While the scry is certainly valuable, I'd rather have something that can pick off some of the other aforementioned threats. The card I'd like to put here is Mizzium Mortars. Additionally, Mortars also has the upside of serving as another wrath effect in the late game when necessary. Although it can't go to the dome, it's not all that relevant in this deck except for ticking down Planeswalkers—and that's not enough to get me to play Magma Jet instead. I'm happy moving up to the full four.

Mizzium Mortars
Sphinx's Revelation

One of the marquee cards from the past year, Sphinx's Revelation is still plenty good in this Standard format. Blaine is absolutely right to include it—the only question for me is three or four copies?

I've found this to be a common point of discussion, and different decks will want different numbers. In this deck, I'd rather have four. It has so much removal that I just want to be able to aggressively remove my opponent's creatures and then Sphinx's Revelation back up. (And if your opponent doesn't have many creatures, you're in a matchup where you'd rather have all four Sphinx's Revelations.) I'm going to bump the count up by one.


Dissolve is the hot new counterspell from Theros. With Theros, you, too, can now Dissolve every form of matter. While Cancel is certainly nothing to write home about, adding scry 1 helps push some virtual card advantage your way to make biting on the always-available Cancel fishing line much more enticing.

However, between Verdict, Sphere, and Jace, this deck tends to tap out a lot early. And even with many of its instants, it doesn't really want to leave mana up to counter something—Azorius Charm demands to be cast on a creature before the postcombat main phase, and both Helix and Sphinx's Revelation are mana intensive. Dissolve conflicts with this deck a bit too much. While cutting them does weaken you a little to control, the sideboard can be used to help even the odds. In this deck, Dissolve is going to, well... dissolve.

Warleader's Helix

Sphinx's Revelation can put you ahead on life in the late game, but Warleader's Helix helps you recoup after you've been under pressure. Firing one off on a threat after killing an opponent's first couple of creatures can put you in a dominating position, sending back your opponent's progress considerably.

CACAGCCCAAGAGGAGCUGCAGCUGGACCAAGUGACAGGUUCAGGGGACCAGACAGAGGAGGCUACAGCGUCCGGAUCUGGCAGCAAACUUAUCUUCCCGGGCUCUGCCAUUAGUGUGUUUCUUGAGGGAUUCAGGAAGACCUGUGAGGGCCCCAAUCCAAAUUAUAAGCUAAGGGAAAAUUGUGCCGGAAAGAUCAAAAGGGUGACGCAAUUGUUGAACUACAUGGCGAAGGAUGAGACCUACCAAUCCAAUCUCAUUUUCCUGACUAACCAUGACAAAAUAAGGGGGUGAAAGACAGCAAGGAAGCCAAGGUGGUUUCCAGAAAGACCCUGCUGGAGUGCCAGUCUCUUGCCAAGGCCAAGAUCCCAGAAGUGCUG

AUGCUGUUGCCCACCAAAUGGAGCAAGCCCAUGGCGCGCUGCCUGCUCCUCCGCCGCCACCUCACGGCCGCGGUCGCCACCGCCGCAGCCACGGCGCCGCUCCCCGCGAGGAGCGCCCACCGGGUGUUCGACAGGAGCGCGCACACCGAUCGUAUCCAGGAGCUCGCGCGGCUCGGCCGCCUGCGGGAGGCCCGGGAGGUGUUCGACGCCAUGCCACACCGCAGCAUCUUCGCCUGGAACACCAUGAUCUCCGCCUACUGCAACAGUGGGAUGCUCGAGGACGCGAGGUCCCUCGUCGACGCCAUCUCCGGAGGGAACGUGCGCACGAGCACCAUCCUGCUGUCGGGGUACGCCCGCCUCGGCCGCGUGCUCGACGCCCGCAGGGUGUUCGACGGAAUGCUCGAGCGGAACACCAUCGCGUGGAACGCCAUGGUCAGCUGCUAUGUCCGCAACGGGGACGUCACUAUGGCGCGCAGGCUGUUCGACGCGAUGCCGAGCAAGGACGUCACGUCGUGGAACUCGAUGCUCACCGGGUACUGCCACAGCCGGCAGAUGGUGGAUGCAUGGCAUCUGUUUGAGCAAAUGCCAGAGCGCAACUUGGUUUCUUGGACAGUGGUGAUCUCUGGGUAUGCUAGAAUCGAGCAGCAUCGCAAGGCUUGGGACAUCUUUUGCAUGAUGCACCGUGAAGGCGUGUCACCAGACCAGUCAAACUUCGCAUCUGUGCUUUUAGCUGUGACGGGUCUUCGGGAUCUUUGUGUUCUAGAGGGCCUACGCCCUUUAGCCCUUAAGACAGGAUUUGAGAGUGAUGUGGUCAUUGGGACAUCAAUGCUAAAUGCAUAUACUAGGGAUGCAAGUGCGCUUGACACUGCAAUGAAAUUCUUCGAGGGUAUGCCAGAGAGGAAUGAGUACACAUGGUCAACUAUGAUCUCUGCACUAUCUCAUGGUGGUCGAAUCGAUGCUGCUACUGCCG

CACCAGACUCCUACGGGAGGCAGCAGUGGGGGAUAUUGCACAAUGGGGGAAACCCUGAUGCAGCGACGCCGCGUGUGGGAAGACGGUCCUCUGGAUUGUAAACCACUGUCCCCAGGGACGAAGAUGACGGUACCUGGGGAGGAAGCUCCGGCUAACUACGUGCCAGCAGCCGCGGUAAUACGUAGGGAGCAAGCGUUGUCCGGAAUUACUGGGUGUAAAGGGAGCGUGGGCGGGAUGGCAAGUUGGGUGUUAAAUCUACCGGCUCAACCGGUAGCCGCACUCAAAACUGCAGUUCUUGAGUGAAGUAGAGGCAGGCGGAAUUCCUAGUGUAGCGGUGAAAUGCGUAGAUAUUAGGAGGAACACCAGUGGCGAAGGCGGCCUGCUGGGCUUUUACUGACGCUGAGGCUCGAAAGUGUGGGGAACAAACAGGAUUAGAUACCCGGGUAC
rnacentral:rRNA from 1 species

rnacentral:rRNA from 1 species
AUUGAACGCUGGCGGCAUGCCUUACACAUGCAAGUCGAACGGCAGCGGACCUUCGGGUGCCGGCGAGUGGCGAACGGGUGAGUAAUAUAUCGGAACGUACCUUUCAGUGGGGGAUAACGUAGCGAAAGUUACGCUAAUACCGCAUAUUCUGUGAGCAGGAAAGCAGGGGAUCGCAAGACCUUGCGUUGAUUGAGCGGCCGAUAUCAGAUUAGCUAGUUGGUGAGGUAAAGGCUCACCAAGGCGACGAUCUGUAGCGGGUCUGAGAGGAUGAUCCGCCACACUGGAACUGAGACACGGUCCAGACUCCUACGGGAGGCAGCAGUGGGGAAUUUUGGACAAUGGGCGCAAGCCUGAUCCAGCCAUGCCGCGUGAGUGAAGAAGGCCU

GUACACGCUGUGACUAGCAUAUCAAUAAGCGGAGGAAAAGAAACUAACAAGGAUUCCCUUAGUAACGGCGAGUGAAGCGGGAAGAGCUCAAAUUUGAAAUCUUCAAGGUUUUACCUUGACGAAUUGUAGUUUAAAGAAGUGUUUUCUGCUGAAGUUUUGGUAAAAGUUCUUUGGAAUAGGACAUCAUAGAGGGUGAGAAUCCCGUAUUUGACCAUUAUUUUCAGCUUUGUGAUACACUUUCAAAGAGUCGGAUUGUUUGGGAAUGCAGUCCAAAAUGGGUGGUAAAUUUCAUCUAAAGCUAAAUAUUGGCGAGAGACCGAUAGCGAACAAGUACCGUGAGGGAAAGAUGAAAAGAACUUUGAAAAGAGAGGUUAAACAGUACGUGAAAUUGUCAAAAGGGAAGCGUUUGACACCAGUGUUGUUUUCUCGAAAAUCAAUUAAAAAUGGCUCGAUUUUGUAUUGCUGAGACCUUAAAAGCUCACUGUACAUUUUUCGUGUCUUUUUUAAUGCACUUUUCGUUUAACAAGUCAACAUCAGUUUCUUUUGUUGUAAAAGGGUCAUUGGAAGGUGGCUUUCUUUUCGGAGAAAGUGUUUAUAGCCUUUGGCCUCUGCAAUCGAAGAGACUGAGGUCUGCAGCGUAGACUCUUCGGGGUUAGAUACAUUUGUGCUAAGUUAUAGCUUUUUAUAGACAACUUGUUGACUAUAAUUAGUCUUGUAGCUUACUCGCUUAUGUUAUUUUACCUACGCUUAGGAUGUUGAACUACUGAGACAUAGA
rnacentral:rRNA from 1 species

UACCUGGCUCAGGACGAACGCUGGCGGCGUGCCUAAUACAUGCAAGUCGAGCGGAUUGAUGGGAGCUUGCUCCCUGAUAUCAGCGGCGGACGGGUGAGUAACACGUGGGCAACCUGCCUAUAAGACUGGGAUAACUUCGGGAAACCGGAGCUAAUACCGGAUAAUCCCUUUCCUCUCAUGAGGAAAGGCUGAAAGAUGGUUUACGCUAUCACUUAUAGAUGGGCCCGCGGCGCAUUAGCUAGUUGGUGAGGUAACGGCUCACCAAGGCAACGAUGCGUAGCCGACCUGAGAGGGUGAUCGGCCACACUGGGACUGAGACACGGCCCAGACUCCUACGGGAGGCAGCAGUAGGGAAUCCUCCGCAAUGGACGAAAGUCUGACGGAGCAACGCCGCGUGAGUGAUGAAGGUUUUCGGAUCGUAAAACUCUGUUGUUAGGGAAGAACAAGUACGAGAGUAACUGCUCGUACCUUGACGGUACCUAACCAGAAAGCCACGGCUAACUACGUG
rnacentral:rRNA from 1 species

But it's not just killing creatures where Warleader's Helix shines. It also helps fend off opposing Planeswalkers, sending away Xenagos, the Reveler; Domri Rade; Jace, Architect of Thought; and more.

While this deck has to be careful to not get too many cards sitting in the four-mana slot, Warleader's Helix is something I'm willing to take that hit for. Let's play four.

Jace, Architect of Thought
Steam Augury

Although these are fairly different cards, they occupy a similar space for me in this deck. They sit on the four-mana slot and offer you card advantage. This deck already has a lot going on at four, and when you get much higher Sphinx's Revelation is going to do the job just fine. As a result, I'd like to trim this down to three if possible, instead of the two and two it is now.

Steam Augury is nice for digging deep, serving as a way to go several cards into your deck and end up plus a few cards. However, there's no guarantee you'll get what you want. It also doesn't have any other effects, like Jace, Architect of Thought does. I still like having one Augury since a lot of the time I would rather draw one of each for the versatility than two of one, but Jace is going to be better more often. I'm going to cut an Augury here.

Celestial Flare
Azorius Charm

These cards both fill the space of a two-mana card that is strong against attacking and blocking creatures. In a vacuum, Azorius Charm is the better card: it can cycle away, and often putting a creature on top is similar to getting rid of it in the amount of time you need to buy. (Plus, you deplete your opponent of whatever he or she would have drawn anyway.) However, Celestial Flare can hit Stormbreath Dragon and creatures with hexproof. That makes Celestial Flare a potentially good metagame call.

A lot of this comes down to how you might expect the metagame to shake out, but in general I would lean toward the more powerful card. (Especially at a Pro Tour, where you could face any manner of things.)

However, in this case, I would like a fifth card in this slot, to help have redundancy in the early game, that can also fight off Stormbreath Dragon. So, Celestial Flare?

Not quite.

Instead of Celestial Flare, in a deck with access to both red and blue, Turn & Burn, serves a similar role while also carrying other versatility. It can kill off mana Elves on turn two, deal the last little bit to Planeswalkers, and even make Master of Waves loses his lord ability. The fuse instant nabs the last spot here for me.

Aurelia's Fury

While there is certainly allure in having a removal spell that can also hit the opponent in the very long game, it takes a lot of mana to make this good. At that point, I would usually just rather have another Elspeth or something similar.

While you can always set up for a game-ending finishing Aurelia's Fury for 16 or something, that's not even reliable to end the game in the control matchups thanks to Sphinx's Revelations. While it's a neat idea, it's not going to be better than other cards often enough to warrant a slot.

Elixir of Immortality